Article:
What Now for Juan Pablo Varillas?

Juan Pablo Varillas
Spread the love

In tennis, winning can be contagious. Sure, every week is a clean slate, but the positive vibes and momentum can carry on from tournament to tournament. Once a player gets into a good rhythm, that doesn’t go away on the plane ride to the next tournament.

Last year, the tennis world saw a 22 year-old Cristian Garin rip through, the fall clay court Challenger swing. Garin won 15 matches in a row to win the Campinas, Santo Domingo, and Lima Challengers during the fall of the 2018. He beat many good clay courters during that swing, including Juan Ignacio Londero, Hugo Dellien, and Federico Delbonis twice.

Garin was able to use these Challengers as a springboard for his 2019 ATP campaign. Before Campinas last year, he was World No. 141. By the end of the Challenger clay swing, he was World No. 89, into the top 100 for the first time, and better suited to make the jump into ATP events.

In 2019, Garin reached as high as World No. 32, and is currently sitting at World No. 38. He has won two ATP titles this season, clay court events in Houston and Munich, and made the third in an indoor clay event in Sao Paolo. Garin was able to use the snowballing momentum and form that brought him to those Challenger titles and parlay those into a successful season on the ATP Tour the following season.

24 year-old Juan Pablo Varillas’ experience in the clay court Challenger swing felt very much like deja vu. Much like Garin, Varillas went on a 15-match winning streak during this later portion of the season, although he “only” won the Campinas and Santo Domingo Challengers and made the semifinals of Lima (losing to Thiago Monteiro). Varillas beat good clay courters during this stretch, such as Federico Delbonis, Thiago Monteiro (in Santo Domingo), and Facundo Bagnis twice.

What Now for Juan Pablo Varillas?

Varillas’ forehand is bigger and heavier than Garin’s, although his backhand is not near Garin’s level. His spin-heavy serve allows him to dictate with his forehand from the back of the court. Varillas was also very clutch, winning all seven sets through the three tournaments that were 7-5 or 7-6 in score. Whether that’s sustainable or not is another question, but it’s still impressive.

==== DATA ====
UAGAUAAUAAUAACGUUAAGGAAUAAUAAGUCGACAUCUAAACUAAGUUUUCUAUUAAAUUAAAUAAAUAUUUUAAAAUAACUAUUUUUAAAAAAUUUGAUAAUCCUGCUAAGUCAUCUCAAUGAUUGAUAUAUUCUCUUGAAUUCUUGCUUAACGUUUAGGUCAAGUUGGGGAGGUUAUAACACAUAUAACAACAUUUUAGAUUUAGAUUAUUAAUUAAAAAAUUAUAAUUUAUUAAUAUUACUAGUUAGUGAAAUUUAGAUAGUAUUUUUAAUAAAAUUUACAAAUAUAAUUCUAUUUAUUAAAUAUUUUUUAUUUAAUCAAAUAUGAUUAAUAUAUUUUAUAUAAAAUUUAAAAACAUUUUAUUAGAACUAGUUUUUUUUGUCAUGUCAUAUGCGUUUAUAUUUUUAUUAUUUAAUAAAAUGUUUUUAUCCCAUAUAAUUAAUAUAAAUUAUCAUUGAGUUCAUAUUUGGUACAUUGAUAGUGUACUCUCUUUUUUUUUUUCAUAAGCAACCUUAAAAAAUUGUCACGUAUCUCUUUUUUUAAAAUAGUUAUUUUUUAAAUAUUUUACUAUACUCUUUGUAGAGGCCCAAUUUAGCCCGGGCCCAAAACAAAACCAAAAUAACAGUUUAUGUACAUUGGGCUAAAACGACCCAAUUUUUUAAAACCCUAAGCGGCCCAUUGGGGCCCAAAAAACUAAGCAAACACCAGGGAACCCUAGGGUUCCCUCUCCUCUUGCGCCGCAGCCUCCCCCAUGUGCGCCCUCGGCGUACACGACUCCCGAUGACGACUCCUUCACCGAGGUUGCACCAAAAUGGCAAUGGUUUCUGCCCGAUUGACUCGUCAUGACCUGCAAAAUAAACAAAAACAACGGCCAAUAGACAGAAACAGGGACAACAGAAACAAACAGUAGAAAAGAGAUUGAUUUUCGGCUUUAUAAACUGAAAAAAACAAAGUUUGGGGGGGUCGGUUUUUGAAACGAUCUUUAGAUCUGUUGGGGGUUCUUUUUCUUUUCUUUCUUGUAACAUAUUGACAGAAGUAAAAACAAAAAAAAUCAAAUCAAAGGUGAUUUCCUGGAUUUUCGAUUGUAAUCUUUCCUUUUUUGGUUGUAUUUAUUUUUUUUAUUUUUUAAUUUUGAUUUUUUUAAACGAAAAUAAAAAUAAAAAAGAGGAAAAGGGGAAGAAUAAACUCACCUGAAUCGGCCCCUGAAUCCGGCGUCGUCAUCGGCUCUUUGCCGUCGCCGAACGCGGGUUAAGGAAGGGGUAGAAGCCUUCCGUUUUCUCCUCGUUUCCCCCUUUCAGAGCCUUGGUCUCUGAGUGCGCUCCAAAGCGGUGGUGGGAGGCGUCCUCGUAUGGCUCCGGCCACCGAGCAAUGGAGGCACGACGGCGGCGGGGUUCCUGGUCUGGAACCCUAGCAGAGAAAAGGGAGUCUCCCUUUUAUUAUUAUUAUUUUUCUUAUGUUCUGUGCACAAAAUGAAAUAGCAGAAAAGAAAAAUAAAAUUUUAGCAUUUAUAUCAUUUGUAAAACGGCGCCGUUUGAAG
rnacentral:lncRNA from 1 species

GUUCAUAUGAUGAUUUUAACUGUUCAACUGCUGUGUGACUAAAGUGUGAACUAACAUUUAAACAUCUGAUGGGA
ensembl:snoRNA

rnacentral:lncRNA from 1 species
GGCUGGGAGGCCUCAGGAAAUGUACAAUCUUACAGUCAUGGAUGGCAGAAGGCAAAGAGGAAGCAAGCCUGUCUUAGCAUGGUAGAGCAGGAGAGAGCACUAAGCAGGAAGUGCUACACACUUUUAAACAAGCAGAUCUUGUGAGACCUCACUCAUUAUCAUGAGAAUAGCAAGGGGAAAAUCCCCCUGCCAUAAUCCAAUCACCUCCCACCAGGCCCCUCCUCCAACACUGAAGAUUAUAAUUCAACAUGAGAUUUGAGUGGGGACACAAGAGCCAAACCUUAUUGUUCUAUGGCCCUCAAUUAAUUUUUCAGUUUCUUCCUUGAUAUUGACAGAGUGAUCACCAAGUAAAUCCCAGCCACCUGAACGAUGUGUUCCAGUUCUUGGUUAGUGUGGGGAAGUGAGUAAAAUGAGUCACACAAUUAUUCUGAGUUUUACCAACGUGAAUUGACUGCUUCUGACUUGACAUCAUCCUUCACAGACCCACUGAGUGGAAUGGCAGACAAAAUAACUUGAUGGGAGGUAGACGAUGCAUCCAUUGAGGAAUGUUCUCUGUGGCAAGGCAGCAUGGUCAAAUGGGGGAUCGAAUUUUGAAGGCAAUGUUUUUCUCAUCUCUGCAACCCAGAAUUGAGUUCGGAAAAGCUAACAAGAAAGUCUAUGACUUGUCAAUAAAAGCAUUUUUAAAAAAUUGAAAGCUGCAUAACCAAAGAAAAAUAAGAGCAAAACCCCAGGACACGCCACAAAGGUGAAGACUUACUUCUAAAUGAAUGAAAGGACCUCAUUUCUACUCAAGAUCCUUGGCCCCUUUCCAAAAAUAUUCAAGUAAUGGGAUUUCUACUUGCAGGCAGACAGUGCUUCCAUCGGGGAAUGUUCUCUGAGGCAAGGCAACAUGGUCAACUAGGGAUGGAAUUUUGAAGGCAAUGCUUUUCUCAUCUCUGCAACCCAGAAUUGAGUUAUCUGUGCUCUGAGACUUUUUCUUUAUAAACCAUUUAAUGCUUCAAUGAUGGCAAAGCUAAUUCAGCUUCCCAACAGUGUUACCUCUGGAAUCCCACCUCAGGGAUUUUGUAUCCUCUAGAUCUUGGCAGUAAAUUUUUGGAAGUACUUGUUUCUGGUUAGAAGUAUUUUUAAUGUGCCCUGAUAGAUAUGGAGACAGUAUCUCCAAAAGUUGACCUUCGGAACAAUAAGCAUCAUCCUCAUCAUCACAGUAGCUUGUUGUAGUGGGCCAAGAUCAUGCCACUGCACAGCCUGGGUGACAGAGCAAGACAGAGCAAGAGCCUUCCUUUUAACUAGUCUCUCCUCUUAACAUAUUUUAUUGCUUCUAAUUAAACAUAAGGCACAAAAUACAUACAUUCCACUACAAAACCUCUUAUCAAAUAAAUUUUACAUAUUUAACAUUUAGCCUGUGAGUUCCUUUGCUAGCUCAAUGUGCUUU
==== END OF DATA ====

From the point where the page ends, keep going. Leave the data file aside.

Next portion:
Varillas started this Challenger stretch both older and lower-ranked than Garin. Before Campinas, Varillas was World No. 332. He’s rose to a career high of World No. 155 this week. Varillas has risen nearly 200 places in the rankings in less than a month.

But, alas, all good things have to come to an end. Monteiro defeated Varillas in straight sets in the semifinals of Lima. This loss brought the Peruvian back down to earth and slowed his momentum, leading to the question: Can he continue to rise in the ranks of the tennis world?

After Garin won Lima last year, he shut his season down and did not play until Brisbane the following season. However, Varillas is not taking that approach. Varillas is set to play in the clay court Challenger in Guayaquil, Ecuador, where he is the No. 12 seed.

This desire to keep playing could be due to the fact that Garin was much higher up in the rankings both before and after his run in Lima last year, so he felt less of a need to keep pushing. The Peruvian, however, sitting just outside of the top 150 in the World, is presumably looking to sap any points he can out of the end of the season, and is even more inclined to do so due to his form.

Varillas is able to do this while playing a very clay-heavy schedule. He never played on grass all season. While he did have success on hard courts at the $15K level, he only played two matches on hard that were above $15K. At the Morelos and Racanati Challengers, Varillas went 0-2 and won a total of one set.

Part of “graduating” to the ATP Tour means playing a more balanced schedule, so Varillas will have to be prepared to play fewer clay tournaments and much more on hard courts, although grass court play can be avoided. Garin has done well enough on hard and grass, so that they don’t significantly hurt his ranking, while thriving in multiple clay court events, where all of his ATP finals come from.

Another player to compare to

When looking at players from a purely game style viewpoint, Varillas’ game brings less comparisons with Cristian Garin and more with Juan Ignacio Londero. Londero’s heavy spin serve and forehand, along with the way he positions himself on the court, are reminiscent of Varillas’ game and court positioning within the points.

Londero, in his transition from the Challenger Tour to the main ATP Tour, has had a lot of success. Londero made the shift in level of tournament when, in his home country, he won the early February ATP Tour title in Cordoba, Argentina. Before Cordoba, Londero had spent much of 2018 building his ranking at Challenger events, but with no run like Garin or Varillas.

From the first time the rankings came out in February until now, Londero was able to improve his ranking from World No. 112 to a career high of World No. 51. What Londero’s success shows is that the type of game that Varillas plays is able to thrive on the ATP Tour.

Varillas can take comfort from the success of both Garin and Londero, but ultimately his story hasn’t been written yet. The Peruvian’s accomplishments in Campinas, Santo Domingo, and Lima have set him up for a successful 2019 season. Guayaquil and any other tournaments he play this season can only help.

But, it’s up to Varillas to prove he can grow from these triumphs and beat ATP Tour-level opposition. Varillas will also have to deal with heightened exposure and expectations that come from consistently winning matches.

However, given Varillas’ level of play during his fall clay court Challenger surge, expect to see Varillas in the main draw of ATP Tour events during the 2020 season.

Main Photo:
Embed from Getty Images